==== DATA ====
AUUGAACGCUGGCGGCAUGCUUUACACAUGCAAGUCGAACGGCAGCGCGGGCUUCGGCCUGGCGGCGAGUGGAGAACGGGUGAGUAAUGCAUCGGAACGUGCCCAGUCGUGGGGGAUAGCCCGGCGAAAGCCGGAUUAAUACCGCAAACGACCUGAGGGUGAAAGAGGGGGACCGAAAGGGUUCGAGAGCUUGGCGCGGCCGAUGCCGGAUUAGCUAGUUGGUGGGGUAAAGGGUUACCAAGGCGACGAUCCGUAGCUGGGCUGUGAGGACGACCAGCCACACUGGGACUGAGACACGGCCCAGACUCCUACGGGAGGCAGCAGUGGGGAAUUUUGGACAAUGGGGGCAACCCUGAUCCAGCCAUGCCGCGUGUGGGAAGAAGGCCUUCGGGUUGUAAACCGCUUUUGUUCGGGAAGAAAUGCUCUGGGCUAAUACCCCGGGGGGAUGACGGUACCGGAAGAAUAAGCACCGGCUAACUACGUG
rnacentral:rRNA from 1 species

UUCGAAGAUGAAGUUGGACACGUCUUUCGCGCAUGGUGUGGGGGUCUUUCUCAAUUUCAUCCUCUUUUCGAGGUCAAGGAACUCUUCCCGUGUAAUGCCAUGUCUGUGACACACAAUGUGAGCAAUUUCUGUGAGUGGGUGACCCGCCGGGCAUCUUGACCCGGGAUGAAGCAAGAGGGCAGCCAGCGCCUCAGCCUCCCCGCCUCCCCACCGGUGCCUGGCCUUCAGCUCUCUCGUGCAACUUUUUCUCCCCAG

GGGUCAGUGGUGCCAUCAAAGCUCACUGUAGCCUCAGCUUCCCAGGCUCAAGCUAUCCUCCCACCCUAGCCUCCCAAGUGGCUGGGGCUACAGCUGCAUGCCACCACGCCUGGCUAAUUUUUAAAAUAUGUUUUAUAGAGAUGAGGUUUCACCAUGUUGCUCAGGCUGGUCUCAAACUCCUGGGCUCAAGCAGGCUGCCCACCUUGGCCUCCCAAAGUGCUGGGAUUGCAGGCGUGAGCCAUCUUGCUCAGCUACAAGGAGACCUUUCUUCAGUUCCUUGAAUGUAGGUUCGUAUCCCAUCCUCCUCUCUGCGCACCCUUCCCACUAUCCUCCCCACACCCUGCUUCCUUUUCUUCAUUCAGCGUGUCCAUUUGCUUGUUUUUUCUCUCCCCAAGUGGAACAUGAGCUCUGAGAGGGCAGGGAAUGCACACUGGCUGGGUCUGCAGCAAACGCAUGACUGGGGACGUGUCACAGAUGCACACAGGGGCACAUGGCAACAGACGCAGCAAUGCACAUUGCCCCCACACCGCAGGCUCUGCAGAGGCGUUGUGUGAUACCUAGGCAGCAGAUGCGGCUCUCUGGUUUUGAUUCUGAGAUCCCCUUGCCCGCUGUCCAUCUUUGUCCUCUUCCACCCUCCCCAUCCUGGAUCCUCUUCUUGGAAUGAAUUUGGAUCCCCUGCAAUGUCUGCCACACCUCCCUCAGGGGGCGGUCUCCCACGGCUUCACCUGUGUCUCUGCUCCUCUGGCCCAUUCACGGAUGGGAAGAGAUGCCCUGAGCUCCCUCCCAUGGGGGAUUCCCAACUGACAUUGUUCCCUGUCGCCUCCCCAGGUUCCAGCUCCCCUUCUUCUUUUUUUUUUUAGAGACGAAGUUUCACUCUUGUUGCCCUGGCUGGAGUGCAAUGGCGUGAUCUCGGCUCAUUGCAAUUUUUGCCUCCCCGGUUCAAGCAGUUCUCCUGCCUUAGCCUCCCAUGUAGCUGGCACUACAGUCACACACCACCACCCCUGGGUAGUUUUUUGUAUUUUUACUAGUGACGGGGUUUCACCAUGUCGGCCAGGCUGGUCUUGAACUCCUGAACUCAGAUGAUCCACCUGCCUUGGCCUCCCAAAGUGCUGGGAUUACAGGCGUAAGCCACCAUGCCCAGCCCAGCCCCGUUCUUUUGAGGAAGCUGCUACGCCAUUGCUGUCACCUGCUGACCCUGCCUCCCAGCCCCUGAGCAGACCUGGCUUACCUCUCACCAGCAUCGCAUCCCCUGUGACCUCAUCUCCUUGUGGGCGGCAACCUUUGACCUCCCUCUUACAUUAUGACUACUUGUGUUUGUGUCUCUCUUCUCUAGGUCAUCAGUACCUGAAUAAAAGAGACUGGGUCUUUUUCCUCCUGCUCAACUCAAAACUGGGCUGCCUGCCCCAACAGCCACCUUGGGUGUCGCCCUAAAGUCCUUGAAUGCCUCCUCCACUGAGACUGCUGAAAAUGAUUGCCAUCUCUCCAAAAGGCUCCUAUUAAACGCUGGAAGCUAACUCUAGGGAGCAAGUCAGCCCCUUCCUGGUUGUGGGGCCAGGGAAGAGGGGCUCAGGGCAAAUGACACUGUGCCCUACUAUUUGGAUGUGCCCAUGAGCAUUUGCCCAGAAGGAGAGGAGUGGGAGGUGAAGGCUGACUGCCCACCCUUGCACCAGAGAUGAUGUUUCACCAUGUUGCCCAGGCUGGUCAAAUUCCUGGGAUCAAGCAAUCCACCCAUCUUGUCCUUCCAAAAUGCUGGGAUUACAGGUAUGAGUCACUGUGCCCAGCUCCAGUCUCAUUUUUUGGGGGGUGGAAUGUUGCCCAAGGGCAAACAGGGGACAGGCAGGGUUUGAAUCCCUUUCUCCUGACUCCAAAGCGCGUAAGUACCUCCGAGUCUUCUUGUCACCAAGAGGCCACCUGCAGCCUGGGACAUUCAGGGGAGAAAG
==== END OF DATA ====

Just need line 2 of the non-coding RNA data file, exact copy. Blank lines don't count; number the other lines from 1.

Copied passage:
rnacentral:rRNA from 1 species